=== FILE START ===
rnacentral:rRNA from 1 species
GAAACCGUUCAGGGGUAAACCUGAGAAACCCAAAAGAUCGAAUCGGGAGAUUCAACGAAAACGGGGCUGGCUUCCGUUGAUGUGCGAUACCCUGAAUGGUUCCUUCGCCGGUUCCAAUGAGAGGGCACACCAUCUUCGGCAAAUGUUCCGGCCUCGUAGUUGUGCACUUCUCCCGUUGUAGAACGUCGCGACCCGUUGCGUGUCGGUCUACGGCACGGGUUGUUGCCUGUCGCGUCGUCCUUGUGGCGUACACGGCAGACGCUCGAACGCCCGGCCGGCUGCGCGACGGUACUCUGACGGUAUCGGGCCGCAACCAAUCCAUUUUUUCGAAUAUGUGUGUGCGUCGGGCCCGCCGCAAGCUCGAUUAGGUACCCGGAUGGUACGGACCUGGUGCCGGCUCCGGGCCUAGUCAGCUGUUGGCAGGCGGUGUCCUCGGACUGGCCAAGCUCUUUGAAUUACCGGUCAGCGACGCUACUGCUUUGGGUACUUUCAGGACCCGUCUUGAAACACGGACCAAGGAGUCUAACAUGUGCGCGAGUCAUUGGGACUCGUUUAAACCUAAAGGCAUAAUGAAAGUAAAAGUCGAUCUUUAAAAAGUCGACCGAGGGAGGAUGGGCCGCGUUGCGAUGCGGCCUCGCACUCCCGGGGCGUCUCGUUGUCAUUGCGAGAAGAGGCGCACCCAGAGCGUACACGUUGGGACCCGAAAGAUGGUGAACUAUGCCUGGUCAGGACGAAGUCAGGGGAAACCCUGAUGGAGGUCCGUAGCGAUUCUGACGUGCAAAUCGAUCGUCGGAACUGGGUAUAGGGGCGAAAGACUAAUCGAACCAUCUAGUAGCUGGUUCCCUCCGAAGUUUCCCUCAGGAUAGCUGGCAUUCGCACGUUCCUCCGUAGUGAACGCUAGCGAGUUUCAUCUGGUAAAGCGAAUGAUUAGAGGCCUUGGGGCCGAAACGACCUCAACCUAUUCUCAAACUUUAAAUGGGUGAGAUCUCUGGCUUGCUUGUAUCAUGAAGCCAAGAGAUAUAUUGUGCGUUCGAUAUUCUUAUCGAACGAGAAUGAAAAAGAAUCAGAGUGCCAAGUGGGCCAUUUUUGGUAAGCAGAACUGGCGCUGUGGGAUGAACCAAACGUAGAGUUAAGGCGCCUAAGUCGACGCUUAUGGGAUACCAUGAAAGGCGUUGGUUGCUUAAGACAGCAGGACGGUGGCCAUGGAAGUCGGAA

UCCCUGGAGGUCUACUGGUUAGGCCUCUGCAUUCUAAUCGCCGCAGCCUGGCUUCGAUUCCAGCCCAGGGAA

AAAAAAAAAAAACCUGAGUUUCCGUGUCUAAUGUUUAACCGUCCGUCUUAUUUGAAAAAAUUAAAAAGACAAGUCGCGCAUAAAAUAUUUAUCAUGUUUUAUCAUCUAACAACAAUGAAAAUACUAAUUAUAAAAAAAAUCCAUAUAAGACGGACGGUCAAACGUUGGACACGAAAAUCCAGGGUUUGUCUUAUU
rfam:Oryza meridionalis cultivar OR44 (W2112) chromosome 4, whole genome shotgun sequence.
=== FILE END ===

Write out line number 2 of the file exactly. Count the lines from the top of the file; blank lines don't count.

GAAACCGUUCAGGGGUAAACCUGAGAAACCCAAAAGAUCGAAUCGGGAGAUUCAACGAAAACGGGGCUGGCUUCCGUUGAUGUGCGAUACCCUGAAUGGUUCCUUCGCCGGUUCCAAUGAGAGGGCACACCAUCUUCGGCAAAUGUUCCGGCCUCGUAGUUGUGCACUUCUCCCGUUGUAGAACGUCGCGACCCGUUGCGUGUCGGUCUACGGCACGGGUUGUUGCCUGUCGCGUCGUCCUUGUGGCGUACACGGCAGACGCUCGAACGCCCGGCCGGCUGCGCGACGGUACUCUGACGGUAUCGGGCCGCAACCAAUCCAUUUUUUCGAAUAUGUGUGUGCGUCGGGCCCGCCGCAAGCUCGAUUAGGUACCCGGAUGGUACGGACCUGGUGCCGGCUCCGGGCCUAGUCAGCUGUUGGCAGGCGGUGUCCUCGGACUGGCCAAGCUCUUUGAAUUACCGGUCAGCGACGCUACUGCUUUGGGUACUUUCAGGACCCGUCUUGAAACACGGACCAAGGAGUCUAACAUGUGCGCGAGUCAUUGGGACUCGUUUAAACCUAAAGGCAUAAUGAAAGUAAAAGUCGAUCUUUAAAAAGUCGACCGAGGGAGGAUGGGCCGCGUUGCGAUGCGGCCUCGCACUCCCGGGGCGUCUCGUUGUCAUUGCGAGAAGAGGCGCACCCAGAGCGUACACGUUGGGACCCGAAAGAUGGUGAACUAUGCCUGGUCAGGACGAAGUCAGGGGAAACCCUGAUGGAGGUCCGUAGCGAUUCUGACGUGCAAAUCGAUCGUCGGAACUGGGUAUAGGGGCGAAAGACUAAUCGAACCAUCUAGUAGCUGGUUCCCUCCGAAGUUUCCCUCAGGAUAGCUGGCAUUCGCACGUUCCUCCGUAGUGAACGCUAGCGAGUUUCAUCUGGUAAAGCGAAUGAUUAGAGGCCUUGGGGCCGAAACGACCUCAACCUAUUCUCAAACUUUAAAUGGGUGAGAUCUCUGGCUUGCUUGUAUCAUGAAGCCAAGAGAUAUAUUGUGCGUUCGAUAUUCUUAUCGAACGAGAAUGAAAAAGAAUCAGAGUGCCAAGUGGGCCAUUUUUGGUAAGCAGAACUGGCGCUGUGGGAUGAACCAAACGUAGAGUUAAGGCGCCUAAGUCGACGCUUAUGGGAUACCAUGAAAGGCGUUGGUUGCUUAAGACAGCAGGACGGUGGCCAUGGAAGUCGGAA